From what I am seeing a lot and also the way mine is made on all three axes is like this. Basically the end of the ballscrew has a short length of a precisely machined or ground smooth round portion. The start of the smooth portion has a shoulder that accepts the two angular contact bearings in their proper orientation. The machined mounting plate of this captured end of the ballscrew has a precisely machined pocket that accepts the depth and width of both of these bearings back to back but allows a little of them to protrude out of the pocket. Then there is another small part that has the same size pocket machined into it yet a much shallower depth and this part usually either screws down with several screws or some other way of tightening down the preload between the two angular contact bearingscapturing them into the pocket in the mounting plate . The remaining portion of the end of the ballscrew then has a short threaded length and then either a flat or some other way to attatch the drive pulley in the case of a belt drive or I suppose a coupler for a stepper setup. Basically the two angular contacts are sandwiched between the shoulder on the screw and the washer and nut that threads onto the threaded portion after the bearings. I initially machined some keyways into my screws but found out that they did not allow for zero backlash the way I wanted and since then I have actually gone to pinning all three of the pulleys to the shafts with some heavy roll pins. I have since had no problems and this was much easier to do. The pulleys also have setscrews in them as they came that way so i just tighten them down.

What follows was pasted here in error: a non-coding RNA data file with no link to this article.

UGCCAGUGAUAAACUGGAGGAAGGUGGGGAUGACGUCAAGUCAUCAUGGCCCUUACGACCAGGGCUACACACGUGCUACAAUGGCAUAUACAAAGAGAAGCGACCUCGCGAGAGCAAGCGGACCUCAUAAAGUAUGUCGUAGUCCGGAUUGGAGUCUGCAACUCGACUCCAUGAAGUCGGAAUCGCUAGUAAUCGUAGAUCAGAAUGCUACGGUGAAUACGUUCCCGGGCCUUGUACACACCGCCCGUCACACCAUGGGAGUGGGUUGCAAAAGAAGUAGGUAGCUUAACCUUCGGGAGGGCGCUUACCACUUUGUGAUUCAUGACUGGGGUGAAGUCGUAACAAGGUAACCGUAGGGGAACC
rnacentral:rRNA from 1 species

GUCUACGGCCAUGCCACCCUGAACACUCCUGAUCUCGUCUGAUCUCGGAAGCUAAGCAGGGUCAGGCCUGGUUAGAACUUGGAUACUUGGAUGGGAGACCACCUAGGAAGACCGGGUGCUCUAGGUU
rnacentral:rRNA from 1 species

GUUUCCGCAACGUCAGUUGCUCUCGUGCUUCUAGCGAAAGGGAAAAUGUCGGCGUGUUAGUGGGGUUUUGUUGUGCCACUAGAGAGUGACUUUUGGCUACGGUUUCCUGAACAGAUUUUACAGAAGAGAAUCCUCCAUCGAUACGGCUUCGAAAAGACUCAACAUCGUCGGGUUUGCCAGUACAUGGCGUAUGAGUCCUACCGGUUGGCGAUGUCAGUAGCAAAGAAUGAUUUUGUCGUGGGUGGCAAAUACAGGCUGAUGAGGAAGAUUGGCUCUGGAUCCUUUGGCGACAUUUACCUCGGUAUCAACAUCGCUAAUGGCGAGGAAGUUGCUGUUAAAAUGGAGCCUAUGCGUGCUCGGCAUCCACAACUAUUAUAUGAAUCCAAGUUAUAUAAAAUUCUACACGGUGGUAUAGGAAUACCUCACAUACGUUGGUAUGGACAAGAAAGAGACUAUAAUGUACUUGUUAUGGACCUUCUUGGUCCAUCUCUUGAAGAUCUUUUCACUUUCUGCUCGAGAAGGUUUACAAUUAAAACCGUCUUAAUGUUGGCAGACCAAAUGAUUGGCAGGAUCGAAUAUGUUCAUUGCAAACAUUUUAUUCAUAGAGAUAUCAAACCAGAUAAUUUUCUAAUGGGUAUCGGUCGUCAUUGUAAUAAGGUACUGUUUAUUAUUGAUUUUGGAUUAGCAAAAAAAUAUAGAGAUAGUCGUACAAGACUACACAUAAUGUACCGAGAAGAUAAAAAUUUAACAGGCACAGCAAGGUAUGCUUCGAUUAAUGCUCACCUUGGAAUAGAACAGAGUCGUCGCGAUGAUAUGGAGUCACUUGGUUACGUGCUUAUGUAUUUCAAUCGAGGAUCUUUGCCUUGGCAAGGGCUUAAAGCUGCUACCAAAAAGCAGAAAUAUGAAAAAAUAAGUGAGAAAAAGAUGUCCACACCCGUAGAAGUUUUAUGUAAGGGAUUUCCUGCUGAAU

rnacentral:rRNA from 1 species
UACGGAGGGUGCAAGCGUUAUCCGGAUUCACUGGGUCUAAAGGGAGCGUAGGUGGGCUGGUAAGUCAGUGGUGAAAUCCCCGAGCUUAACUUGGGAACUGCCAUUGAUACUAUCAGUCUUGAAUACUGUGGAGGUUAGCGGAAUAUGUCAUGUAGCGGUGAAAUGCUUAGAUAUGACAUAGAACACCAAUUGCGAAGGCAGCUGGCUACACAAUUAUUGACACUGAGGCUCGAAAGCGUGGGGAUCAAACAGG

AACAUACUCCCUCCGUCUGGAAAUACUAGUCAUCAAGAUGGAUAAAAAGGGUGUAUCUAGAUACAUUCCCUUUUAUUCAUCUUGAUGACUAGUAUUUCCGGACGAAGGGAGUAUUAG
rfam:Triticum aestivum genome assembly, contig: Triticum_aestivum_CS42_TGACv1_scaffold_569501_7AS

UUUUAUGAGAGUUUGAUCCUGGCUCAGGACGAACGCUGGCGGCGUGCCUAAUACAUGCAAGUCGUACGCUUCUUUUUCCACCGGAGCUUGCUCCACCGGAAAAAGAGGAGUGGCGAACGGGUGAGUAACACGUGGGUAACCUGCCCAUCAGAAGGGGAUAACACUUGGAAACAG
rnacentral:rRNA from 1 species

It is much easier to do actually than describe. Some guys actually just machine the bearing pockets into the factory leadscrew end mounts and machine them to accept the drive system.
Now the other end of the ballscrew that is not the driven end usually is set into another single plain bearing that has a slip fit of the end of the ballscrew shank which is machined smooth and round. The purpose of this is to allow the ballscrew to expand and contract with heat and allow it to spin without binding or whipping around. There are certain lengths and applications where this is not necessary and personally on my RF45 the only screw that is actually supported at both ends is the X axis. The Z is vertical and driven from the top so no need for the bearing at the bottom there and the Y axis is not very long and all three axes are double nut ballnut applications mounted on either side of a mounting block so the actual unsupported Y length is negligible and thus far I have not noticed any issues with whipping or undue wear. The most important thing about ballscrews is that you MUST have full travel without any binding and ideally Zero or as close to it as possible backlash in the movements. Good luck and peace